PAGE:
The DILATE function implements the morphologic dilation operator on both binary and grayscale images.

See Using Dilate, below, for more information on this function.


Note: Also see “Eroding and Dilating Image Objects” (Chapter 9, Image Processing in IDL) in the help/pdf directory of your IDL installation.

Example 1

This example thresholds a gray scale image at the value of 100, producing a binary image. The result is then “opened” with a 3 pixel by 3 pixel square shape operator, using the DILATE and ERODE operators. The effect is to remove holes, islands, and peninsula smaller than the shape operator:

; Threshold and make binary image:
B = A GE 100
; Create the shape operator:
S = REPLICATE(1, 3, 3)
; "Opening" operator:
; Show the result:

For more examples, please see Additional Examples near the bottom of this topic.


Result = DILATE( Image, Structure [, X0 [, Y0 [, Z0]]] [, /CONSTRAINED [, BACKGROUND=value]] [, /GRAY [, /PRESERVE_TYPE | , /UINT | , /ULONG]] [, VALUES=array] )

Return Value

The DILATE function returns the dilation of Image by the structuring element Structure.



A one-, two-, or three-dimensional array upon which the dilation is to be performed. If the parameter is not of byte type, a temporary byte copy is obtained. If neither of the keywords GRAY or VALUES is present, the image is treated as a binary image with all nonzero pixels considered as 1.


A one-, two-, or three-dimensional array that represents the structuring element. Elements are interpreted as binary: values are either zero or nonzero. This argument must have the same number of dimensions as Image.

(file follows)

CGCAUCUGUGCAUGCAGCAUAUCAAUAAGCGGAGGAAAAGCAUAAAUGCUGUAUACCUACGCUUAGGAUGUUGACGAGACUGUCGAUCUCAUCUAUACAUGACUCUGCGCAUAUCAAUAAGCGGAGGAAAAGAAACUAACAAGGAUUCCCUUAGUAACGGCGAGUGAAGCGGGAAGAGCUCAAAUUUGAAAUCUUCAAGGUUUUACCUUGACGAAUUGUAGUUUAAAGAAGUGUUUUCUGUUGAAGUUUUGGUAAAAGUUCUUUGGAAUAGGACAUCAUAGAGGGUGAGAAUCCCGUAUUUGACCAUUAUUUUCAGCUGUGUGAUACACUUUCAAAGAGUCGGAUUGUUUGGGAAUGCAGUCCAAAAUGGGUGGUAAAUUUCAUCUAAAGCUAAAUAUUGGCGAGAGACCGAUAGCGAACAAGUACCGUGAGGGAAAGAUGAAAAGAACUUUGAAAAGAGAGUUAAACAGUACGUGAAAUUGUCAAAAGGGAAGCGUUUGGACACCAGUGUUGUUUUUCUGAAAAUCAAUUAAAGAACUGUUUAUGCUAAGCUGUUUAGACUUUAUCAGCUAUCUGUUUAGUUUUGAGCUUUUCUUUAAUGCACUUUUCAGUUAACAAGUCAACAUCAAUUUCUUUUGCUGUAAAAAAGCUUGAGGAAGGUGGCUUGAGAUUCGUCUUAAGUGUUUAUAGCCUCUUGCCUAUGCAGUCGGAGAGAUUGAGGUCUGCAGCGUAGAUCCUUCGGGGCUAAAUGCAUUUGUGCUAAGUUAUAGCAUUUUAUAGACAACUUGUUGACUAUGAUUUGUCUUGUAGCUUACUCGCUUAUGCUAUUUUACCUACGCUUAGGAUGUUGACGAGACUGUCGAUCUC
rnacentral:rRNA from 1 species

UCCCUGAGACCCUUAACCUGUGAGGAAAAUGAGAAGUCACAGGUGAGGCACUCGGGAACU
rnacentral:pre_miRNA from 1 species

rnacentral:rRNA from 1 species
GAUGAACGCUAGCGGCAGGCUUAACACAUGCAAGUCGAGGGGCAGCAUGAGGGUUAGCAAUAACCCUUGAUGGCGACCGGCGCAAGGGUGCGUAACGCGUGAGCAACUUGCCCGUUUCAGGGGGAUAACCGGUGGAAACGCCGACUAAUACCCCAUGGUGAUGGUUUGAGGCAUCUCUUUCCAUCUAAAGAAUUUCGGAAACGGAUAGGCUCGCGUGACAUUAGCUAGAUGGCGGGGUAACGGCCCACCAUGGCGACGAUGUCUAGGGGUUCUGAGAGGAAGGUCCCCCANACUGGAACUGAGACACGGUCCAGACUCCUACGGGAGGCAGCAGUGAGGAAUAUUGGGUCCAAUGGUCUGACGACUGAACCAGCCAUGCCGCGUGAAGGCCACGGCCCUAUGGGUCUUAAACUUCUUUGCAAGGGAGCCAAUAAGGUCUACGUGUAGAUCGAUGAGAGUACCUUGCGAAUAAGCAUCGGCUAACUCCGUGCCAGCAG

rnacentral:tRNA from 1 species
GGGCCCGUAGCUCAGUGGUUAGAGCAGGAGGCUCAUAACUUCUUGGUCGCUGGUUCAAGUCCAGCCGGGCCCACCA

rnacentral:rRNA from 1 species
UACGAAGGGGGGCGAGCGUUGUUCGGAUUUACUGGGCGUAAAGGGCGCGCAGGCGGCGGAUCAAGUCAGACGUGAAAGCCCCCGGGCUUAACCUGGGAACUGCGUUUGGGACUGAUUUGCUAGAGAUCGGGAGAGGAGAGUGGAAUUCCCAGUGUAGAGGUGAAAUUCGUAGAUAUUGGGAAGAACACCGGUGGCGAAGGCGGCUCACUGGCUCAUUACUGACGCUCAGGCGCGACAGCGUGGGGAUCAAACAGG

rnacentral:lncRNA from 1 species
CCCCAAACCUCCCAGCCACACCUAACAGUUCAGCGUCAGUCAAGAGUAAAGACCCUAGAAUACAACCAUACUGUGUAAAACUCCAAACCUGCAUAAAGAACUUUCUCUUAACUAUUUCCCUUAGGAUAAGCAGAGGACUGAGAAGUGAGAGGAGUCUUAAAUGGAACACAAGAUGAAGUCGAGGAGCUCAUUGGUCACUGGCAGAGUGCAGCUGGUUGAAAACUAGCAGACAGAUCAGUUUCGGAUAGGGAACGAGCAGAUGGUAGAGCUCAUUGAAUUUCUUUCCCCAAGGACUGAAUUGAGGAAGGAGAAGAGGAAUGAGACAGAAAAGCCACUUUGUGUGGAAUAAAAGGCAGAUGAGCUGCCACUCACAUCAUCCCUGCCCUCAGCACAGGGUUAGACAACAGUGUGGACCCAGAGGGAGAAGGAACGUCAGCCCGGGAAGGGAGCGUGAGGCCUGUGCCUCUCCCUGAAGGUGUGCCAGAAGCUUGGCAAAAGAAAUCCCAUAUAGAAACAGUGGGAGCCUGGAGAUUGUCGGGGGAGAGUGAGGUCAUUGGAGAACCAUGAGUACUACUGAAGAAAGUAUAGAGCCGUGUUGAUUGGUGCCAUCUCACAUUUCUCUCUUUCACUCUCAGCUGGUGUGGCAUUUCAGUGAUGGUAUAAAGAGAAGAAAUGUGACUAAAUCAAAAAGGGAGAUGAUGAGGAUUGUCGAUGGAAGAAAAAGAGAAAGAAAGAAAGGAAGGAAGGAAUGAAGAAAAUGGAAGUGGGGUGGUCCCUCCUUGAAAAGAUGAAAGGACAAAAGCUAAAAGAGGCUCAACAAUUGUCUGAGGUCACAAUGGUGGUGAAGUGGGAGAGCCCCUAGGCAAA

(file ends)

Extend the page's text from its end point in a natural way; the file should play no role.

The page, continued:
X0, Y0, Z0

Optional parameters specifying the one-, two-, or three-dimensional coordinate of the structuring element’s origin. If omitted, the origin is set to the center, ([Nx/2], [Ny/2], [Nz/2]), where Nx, Ny, and Nz are the dimensions of the structuring element array. The origin need not be within the structuring element.



Set this keyword to the pixel value that is to be considered the background when dilation is being performed in constrained mode. The default value is 0.


If this keyword is set and grayscale dilation has been selected, the dilation algorithm will operate in constrained mode. In this mode, a pixel is set to the value determined by normal grayscale dilation rules in the output image only if the current value destination pixel value matches the BACKGROUND pixel value. Once a pixel in the output image has been set to a value other than the BACKGROUND value, it cannot change.


Set this keyword to perform grayscale, rather than binary, dilation. The nonzero elements of the Structure parameter determine the shape of the structuring element (neighborhood). If VALUES is not present, all elements of the structuring element are 0, yielding the neighborhood maximum operator.


Set this keyword to return the same type as the input array. This keyword only applies if the GRAY keyword is set.


Set this keyword to return an unsigned integer array. This keyword only applies if the GRAY keyword is set.


Set this keyword to return an unsigned longword integer array. This keyword only applies if the GRAY keyword is set.


An array with the same dimensions as Structure providing the values of the structuring element. The presence of this parameter implies grayscale dilation. Each pixel of the result is the maximum of the sum of the corresponding elements of VALUE and the Image pixel value. If the resulting sum is greater than 255, the return value is 255.


Mathematical morphology is a method of processing digital images on the basis of shape. A discussion of this topic is beyond the scope of this topic. A suggested reference is: Haralick, Sternberg, and Zhuang, “Image Analysis Using Mathematical Morphology,” IEEE Transactions on Pattern Analysis and Machine Intelligence, Vol. PAMI-9, No. 4, July, 1987, pp. 532-550. Much of this discussion is taken from that article.